A few years ago, we had a lead engineer who introduced us to VIPER, an architecture for iOS. Willing to give it a try, we ended up using it for 10 of our most active features. This is a story of how VIPER came into our codebase, and how it eventually morphed, and left. Hopefully, by sharing our journey others can learn from it. VIPER might be right for you, but it wasn’t right for us in the end.


VIPER is a backronym. Something that has to be explained every time you mention it probably is not a good idea. Roughly it translates to: View, interactor, Protocol, Entity and Router.


The ways VIPER was implemented in our system was:

  • Views
  • Interactors – almost all business logic was encapsulated in this- how components interact within the architecture
  • Router – includes methods for all exits, modal launches, or other navigational changes
  • Data source – or, API handler, gets data and reloads data, includes all methods for data management including loading. This roughly maps to the E in Entities.
  • Assembler – a class to put the entire thing together. Also named “wireframe” at times or “factory”

On the plus side…

One of the key benefits of VIPER– binding views with data elements — was not available in our implementation because we weren’t using Swift and Realm at the time. For complicated forms, this does make the code more sensible, as those tend to go with longer controller classes, with more validations and business logic.


VIPER is very testable, and that was one of the reasons it lasted so long in our codebase. You can easily mock up the data class, ignore the view class, and test the business logic in the interactor, router, and view model. For complicated forms, this was really smart.


On the negative side…

One of our first misgivings was: why so many files? For a given feature, 6 files were a minimum. If there were more view models, screens, or modal screens, this would quickly increase. VIPER was born from the “fat controller” problem. So it does limit the number of code lines in a single class. Perhaps in Swift, this would be easier, but for Objective-C, since you need a header and implementation file, this makes it a problem of files X 12.


What didn’t work out so well was hiring new folks into a codebase that had VIPER architecture. The ramp-up time for a level 2 engineer into VIPER was at best 1-½ months, at worst, 3 months. Our feature delivery velocity was hit almost immediately. With risk management- testing- we improved our codebase, but feature delivery tanked. I explain this as- in the world of Apple development, there have been rarely any new frameworks introduced, unlike JavaScript, where a new framework seems to launch each year. Engineers in this field are very used to MVC, or MVVM. This was a big learning for us- that experimenting in a new framework in a relatively stagnant technology meant we spent a lot of time teaching a technology to folks who were questionable about the merits (rightly so, too).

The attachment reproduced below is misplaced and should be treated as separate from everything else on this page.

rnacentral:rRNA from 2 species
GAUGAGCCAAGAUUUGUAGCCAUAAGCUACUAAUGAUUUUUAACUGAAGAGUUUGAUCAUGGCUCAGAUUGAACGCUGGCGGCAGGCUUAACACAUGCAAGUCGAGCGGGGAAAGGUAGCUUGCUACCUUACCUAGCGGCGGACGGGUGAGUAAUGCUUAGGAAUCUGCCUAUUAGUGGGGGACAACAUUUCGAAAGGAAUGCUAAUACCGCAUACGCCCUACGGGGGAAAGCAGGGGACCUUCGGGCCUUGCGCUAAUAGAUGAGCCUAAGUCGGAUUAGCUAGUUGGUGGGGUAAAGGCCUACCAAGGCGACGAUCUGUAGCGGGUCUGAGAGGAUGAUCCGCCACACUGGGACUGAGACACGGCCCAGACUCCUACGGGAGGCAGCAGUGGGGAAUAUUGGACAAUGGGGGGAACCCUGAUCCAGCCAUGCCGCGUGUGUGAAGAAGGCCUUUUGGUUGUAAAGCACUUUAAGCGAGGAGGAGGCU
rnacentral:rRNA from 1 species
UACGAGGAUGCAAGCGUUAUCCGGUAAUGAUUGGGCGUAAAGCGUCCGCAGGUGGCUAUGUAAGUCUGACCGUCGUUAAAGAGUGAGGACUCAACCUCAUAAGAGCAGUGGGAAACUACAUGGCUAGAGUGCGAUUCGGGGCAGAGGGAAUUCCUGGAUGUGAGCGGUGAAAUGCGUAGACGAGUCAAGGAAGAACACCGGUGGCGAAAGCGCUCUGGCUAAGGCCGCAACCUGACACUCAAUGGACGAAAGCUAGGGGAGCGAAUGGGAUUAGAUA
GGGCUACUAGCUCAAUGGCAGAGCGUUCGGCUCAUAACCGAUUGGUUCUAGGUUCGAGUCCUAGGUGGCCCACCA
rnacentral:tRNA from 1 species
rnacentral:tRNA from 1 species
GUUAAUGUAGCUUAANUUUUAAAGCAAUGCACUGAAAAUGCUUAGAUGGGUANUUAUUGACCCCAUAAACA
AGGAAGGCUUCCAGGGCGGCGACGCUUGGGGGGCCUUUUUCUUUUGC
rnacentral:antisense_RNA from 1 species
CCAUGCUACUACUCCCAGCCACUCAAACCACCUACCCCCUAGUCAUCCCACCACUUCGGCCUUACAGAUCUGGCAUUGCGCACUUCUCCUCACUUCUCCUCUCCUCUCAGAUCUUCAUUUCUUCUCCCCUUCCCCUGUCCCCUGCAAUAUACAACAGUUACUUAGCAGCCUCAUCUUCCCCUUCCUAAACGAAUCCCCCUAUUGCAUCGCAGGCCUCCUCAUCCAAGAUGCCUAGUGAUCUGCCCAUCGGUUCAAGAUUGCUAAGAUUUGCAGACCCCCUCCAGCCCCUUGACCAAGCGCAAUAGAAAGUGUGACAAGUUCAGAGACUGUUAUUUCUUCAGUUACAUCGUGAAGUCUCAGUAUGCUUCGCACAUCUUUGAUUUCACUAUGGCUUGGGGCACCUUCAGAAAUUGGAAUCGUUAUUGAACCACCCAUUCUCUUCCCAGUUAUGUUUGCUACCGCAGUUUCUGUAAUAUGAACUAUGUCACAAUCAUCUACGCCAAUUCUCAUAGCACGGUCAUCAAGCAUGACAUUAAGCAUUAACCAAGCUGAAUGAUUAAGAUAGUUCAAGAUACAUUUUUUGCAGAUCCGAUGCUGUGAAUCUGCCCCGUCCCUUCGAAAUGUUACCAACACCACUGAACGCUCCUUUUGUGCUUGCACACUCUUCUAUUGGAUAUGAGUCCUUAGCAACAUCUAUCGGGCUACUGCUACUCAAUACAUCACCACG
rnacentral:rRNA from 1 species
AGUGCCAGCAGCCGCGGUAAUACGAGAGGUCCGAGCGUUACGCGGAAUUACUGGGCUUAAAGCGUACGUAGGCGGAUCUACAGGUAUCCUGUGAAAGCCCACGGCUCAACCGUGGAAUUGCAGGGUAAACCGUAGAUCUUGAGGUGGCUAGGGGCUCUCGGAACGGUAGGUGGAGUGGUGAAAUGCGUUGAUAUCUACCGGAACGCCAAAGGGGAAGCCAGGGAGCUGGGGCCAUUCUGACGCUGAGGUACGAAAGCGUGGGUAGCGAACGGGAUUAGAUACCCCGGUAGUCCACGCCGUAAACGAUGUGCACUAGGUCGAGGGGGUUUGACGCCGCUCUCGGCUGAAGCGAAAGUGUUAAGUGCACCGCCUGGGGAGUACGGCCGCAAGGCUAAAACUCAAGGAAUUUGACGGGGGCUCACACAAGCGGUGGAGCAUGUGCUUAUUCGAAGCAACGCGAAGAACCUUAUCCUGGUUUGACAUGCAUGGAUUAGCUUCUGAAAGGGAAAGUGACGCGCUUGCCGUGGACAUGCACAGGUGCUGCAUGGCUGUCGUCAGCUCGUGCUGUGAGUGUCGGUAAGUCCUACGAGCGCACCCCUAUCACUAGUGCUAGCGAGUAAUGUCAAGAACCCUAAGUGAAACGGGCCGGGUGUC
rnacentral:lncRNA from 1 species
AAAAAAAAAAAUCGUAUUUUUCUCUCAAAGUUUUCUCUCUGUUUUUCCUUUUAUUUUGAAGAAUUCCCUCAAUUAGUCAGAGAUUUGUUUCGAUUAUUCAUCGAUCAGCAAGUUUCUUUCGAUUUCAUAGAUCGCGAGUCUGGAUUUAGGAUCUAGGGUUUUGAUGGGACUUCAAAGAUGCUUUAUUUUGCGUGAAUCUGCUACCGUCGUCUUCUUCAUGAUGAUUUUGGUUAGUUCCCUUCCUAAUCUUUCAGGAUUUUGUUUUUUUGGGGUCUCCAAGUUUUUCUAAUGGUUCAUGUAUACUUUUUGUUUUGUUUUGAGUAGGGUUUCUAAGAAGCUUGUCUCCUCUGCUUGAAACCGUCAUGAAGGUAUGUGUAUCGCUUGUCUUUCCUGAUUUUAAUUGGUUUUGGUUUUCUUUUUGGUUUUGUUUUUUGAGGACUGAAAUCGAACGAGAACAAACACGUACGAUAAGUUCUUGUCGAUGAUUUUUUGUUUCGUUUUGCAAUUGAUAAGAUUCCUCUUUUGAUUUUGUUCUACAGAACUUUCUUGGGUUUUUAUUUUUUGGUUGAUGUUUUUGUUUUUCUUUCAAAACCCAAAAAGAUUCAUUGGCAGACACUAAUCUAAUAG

Since you’re out of the normal MVC that Xcode recommends, accessing a view controller from inside a separate class to do router-like behaviors like ”launch a pop-up” become very complex. Also, get very familiar with delegates and protocols, and objects that are essentially just protocol- something we are finding very difficult to move to Swift.

  • Never use VIPER in Objective-C, very wordy and overly complex
  • Highly recommend for isolating complex business logic for testing- if MVVM isn’t enough
  • Do not recommend for nested architectures, too complex.

Nested VIPERs

One of the major risks to look out for: nested vipers. When one architecture “nests” another model inside of it. This can cause a lot of issues and complexity around referencing a new model, instantiating it, then routing to the specific screen or navigation you need. When you’re doing this two or three deep, the number of files and recursions get complex and buggy. One of our first initiatives when we decided to leave VIPER was to collapse or flatten the nested architectures.


We’ve moved our codebase now to Swift and MVVM, testing view models and models, and limited UI tests. So far, this has helped with training new engineers, and the testing coverage is maintained. We still have a few single-generation VIPER architectures lingering around, either to switch to Swift and keep, or move to MVVM.

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